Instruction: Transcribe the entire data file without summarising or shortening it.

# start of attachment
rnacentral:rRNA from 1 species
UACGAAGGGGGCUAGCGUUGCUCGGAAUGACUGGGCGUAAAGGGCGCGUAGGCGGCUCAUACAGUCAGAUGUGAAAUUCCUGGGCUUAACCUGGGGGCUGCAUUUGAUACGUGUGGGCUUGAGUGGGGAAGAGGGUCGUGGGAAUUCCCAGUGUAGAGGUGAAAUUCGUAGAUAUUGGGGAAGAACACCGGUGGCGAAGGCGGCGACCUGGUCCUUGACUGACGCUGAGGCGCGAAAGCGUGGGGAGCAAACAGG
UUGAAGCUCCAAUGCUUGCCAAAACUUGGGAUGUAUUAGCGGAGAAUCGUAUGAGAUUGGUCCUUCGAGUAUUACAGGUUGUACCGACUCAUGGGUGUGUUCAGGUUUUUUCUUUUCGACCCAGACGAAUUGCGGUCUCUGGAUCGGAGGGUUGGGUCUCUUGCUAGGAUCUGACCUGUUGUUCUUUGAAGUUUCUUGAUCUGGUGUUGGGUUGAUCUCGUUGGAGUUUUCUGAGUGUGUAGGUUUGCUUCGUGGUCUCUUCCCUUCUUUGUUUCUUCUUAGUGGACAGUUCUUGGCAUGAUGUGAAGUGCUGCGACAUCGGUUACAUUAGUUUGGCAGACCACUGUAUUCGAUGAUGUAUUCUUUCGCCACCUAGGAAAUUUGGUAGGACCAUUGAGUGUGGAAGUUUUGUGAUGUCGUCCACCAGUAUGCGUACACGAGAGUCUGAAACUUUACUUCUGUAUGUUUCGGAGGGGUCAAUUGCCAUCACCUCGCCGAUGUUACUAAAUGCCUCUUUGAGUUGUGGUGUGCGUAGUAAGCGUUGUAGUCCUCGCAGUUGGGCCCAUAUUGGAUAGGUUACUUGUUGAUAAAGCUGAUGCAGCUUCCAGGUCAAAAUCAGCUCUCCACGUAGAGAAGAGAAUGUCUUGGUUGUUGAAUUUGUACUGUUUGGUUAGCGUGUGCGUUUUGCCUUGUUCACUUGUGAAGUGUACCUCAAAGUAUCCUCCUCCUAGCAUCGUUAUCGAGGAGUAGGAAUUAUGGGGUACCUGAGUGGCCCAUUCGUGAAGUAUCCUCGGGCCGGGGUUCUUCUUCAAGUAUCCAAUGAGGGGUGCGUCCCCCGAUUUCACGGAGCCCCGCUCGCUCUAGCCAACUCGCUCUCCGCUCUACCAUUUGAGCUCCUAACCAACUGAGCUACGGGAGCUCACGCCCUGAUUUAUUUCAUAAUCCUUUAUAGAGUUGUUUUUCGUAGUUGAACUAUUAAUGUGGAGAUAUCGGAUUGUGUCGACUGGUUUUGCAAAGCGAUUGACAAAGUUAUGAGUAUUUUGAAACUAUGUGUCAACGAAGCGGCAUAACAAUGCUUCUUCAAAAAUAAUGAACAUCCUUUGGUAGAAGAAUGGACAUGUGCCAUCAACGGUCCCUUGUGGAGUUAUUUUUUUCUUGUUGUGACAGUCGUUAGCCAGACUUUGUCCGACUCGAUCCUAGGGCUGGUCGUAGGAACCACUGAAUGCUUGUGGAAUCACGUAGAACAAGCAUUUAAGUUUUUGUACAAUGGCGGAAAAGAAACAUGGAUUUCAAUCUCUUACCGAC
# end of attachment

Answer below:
rnacentral:rRNA from 1 species
UACGAAGGGGGCUAGCGUUGCUCGGAAUGACUGGGCGUAAAGGGCGCGUAGGCGGCUCAUACAGUCAGAUGUGAAAUUCCUGGGCUUAACCUGGGGGCUGCAUUUGAUACGUGUGGGCUUGAGUGGGGAAGAGGGUCGUGGGAAUUCCCAGUGUAGAGGUGAAAUUCGUAGAUAUUGGGGAAGAACACCGGUGGCGAAGGCGGCGACCUGGUCCUUGACUGACGCUGAGGCGCGAAAGCGUGGGGAGCAAACAGG
UUGAAGCUCCAAUGCUUGCCAAAACUUGGGAUGUAUUAGCGGAGAAUCGUAUGAGAUUGGUCCUUCGAGUAUUACAGGUUGUACCGACUCAUGGGUGUGUUCAGGUUUUUUCUUUUCGACCCAGACGAAUUGCGGUCUCUGGAUCGGAGGGUUGGGUCUCUUGCUAGGAUCUGACCUGUUGUUCUUUGAAGUUUCUUGAUCUGGUGUUGGGUUGAUCUCGUUGGAGUUUUCUGAGUGUGUAGGUUUGCUUCGUGGUCUCUUCCCUUCUUUGUUUCUUCUUAGUGGACAGUUCUUGGCAUGAUGUGAAGUGCUGCGACAUCGGUUACAUUAGUUUGGCAGACCACUGUAUUCGAUGAUGUAUUCUUUCGCCACCUAGGAAAUUUGGUAGGACCAUUGAGUGUGGAAGUUUUGUGAUGUCGUCCACCAGUAUGCGUACACGAGAGUCUGAAACUUUACUUCUGUAUGUUUCGGAGGGGUCAAUUGCCAUCACCUCGCCGAUGUUACUAAAUGCCUCUUUGAGUUGUGGUGUGCGUAGUAAGCGUUGUAGUCCUCGCAGUUGGGCCCAUAUUGGAUAGGUUACUUGUUGAUAAAGCUGAUGCAGCUUCCAGGUCAAAAUCAGCUCUCCACGUAGAGAAGAGAAUGUCUUGGUUGUUGAAUUUGUACUGUUUGGUUAGCGUGUGCGUUUUGCCUUGUUCACUUGUGAAGUGUACCUCAAAGUAUCCUCCUCCUAGCAUCGUUAUCGAGGAGUAGGAAUUAUGGGGUACCUGAGUGGCCCAUUCGUGAAGUAUCCUCGGGCCGGGGUUCUUCUUCAAGUAUCCAAUGAGGGGUGCGUCCCCCGAUUUCACGGAGCCCCGCUCGCUCUAGCCAACUCGCUCUCCGCUCUACCAUUUGAGCUCCUAACCAACUGAGCUACGGGAGCUCACGCCCUGAUUUAUUUCAUAAUCCUUUAUAGAGUUGUUUUUCGUAGUUGAACUAUUAAUGUGGAGAUAUCGGAUUGUGUCGACUGGUUUUGCAAAGCGAUUGACAAAGUUAUGAGUAUUUUGAAACUAUGUGUCAACGAAGCGGCAUAACAAUGCUUCUUCAAAAAUAAUGAACAUCCUUUGGUAGAAGAAUGGACAUGUGCCAUCAACGGUCCCUUGUGGAGUUAUUUUUUUCUUGUUGUGACAGUCGUUAGCCAGACUUUGUCCGACUCGAUCCUAGGGCUGGUCGUAGGAACCACUGAAUGCUUGUGGAAUCACGUAGAACAAGCAUUUAAGUUUUUGUACAAUGGCGGAAAAGAAACAUGGAUUUCAAUCUCUUACCGAC